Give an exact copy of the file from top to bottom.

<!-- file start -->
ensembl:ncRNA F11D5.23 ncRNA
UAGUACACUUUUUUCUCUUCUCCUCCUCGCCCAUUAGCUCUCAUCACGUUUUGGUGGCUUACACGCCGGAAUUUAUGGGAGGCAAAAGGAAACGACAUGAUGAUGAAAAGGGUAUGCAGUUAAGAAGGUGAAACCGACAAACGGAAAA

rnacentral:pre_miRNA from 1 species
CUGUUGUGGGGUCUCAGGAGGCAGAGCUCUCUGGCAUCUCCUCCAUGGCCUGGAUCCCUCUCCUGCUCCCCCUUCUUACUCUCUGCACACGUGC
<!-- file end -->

ensembl:ncRNA F11D5.23 ncRNA
UAGUACACUUUUUUCUCUUCUCCUCCUCGCCCAUUAGCUCUCAUCACGUUUUGGUGGCUUACACGCCGGAAUUUAUGGGAGGCAAAAGGAAACGACAUGAUGAUGAAAAGGGUAUGCAGUUAAGAAGGUGAAACCGACAAACGGAAAA

rnacentral:pre_miRNA from 1 species
CUGUUGUGGGGUCUCAGGAGGCAGAGCUCUCUGGCAUCUCCUCCAUGGCCUGGAUCCCUCUCCUGCUCCCCCUUCUUACUCUCUGCACACGUGC